A data dictionary is a repository of metadata. The data dictionary of Oracle is stored in the SYS schema.
Each Oracle database has a data dictionary, which is a set of tables and views that serve as a reference about the database.
For example, a data dictionary stores information about both the logical and physical structure of the database.
A data dictionary also stores the valid users of an Oracle database, information about integrity constraints defined for tables in the database, and the amount of space allocated for a schema object and how much of that space is in use, among much other information.
A data dictionary is created when a database is created. To accurately reflect the status of the database at all times, the data dictionary is automatically updated by Oracle Database in response to specific actions, such as when the structure of the database is altered. Database users cannot modify the data dictionary. Various database processes rely on the data dictionary to record, verify, and conduct ongoing work. For example, during database operation, Oracle Database reads the data dictionary to verify that schema objects exist and that users have proper access to them.
Dynamic Performance Views
Initially, you can just check this two views:
- vsesstat (work done)
- and vsession_event (time spent not working)
Data Dictionary Table and views
|USER_TABLES||Lists each table that belongs to your Oracle user.|
|USER_TAB_COMMENTS||Shows comments on the tables and views.|
|USER_TAB_COLUMNS||Tells you the names, data types, default values, etc. of each column in each table.|
|USER_COL_COMMENTS||Shows comments on the columns.|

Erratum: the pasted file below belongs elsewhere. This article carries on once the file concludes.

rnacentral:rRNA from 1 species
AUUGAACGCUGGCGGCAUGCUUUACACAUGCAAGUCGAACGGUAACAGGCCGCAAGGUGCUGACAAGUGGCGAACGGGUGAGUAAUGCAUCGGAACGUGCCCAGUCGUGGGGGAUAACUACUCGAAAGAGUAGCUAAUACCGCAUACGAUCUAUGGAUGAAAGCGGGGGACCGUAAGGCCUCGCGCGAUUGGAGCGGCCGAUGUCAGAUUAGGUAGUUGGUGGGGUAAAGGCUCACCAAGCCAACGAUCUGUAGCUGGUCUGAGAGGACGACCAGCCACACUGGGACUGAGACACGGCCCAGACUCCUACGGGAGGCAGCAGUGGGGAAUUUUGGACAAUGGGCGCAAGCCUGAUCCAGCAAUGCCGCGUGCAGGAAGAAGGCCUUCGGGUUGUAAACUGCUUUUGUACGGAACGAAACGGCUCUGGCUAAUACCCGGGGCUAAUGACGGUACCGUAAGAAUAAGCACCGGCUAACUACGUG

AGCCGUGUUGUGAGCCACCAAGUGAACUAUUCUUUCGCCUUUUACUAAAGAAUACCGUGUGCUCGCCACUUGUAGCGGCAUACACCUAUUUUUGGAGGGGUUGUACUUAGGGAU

|USER_CONSTRAINTS||Gives you all constraints (either single- or multi-column), such as primary key, foreign key, not null, check constraints, etc.|
|USER_CONS_COLUMNS||Maps constraints to columns (since a constraint can act on one or many columns).|
|USER_INDEXES||Lists indexes defined on columns (either defined explicitly when creating the data model or defined automatically by Oracle, as is the case with indexes on primary keys).|
|USER_IND_COLUMNS||Maps indexes to columns.|
|USER_VIEWS||Lists all views, along with the text used to originally create them.|
|USER_SYNONYMS||Lists the synonyms and original table names.|
|USER_SEQUENCES||Lists all sequences, including min value, max value, and amount by which to increment.|
|USER_TRIGGERS||Contains trigger names, criteria for activating each trigger, and the code that is run.|
|USER_SOURCE||Contains the source code for all PL/SQL objects, including functions, procedures, packages, and package bodies.|
Example Admin Table
select * from all_objects where object_type in ('TABLE','VIEW')
select name from obj$ where status = 3;
SELECT VALUE FROM v$parameter WHERE NAME = 'job_queue_processes'
- user_segments (for table, index, …)
select segment_name, bytes/1024/1024 "Size in MB" from user_segments where segment_name like 'CUSTOMERS_%';
select * from all_synonyms where Owner like 'PUBLIC' and SYNONYM_NAME = UPPER('user_sdo_styles')
SELECT comp_name, status, SUBSTR(version,1,10) AS version FROM dba_registry;
- Static Data Dictionary Views Oracle® Database Reference 10g Release 2 (10.2)